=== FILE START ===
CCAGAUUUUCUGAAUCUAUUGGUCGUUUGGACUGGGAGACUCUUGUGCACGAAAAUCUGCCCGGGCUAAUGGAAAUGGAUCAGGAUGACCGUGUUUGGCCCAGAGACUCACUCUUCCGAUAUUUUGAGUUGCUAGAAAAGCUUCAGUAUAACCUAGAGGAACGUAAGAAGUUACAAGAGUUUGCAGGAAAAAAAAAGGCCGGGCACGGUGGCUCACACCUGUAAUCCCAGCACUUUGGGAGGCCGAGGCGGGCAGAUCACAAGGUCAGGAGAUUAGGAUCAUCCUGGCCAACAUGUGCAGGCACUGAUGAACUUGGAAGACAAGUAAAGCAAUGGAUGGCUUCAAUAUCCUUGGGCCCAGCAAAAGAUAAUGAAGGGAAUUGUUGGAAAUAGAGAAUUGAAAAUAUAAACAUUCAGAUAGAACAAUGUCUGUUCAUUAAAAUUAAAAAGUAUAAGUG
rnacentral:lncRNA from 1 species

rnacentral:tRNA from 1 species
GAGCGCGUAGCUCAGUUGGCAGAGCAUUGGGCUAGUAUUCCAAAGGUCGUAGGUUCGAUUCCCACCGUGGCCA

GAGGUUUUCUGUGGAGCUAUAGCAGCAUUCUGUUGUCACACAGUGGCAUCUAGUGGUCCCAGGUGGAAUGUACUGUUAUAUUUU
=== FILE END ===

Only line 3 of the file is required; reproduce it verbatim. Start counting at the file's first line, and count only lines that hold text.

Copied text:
rnacentral:tRNA from 1 species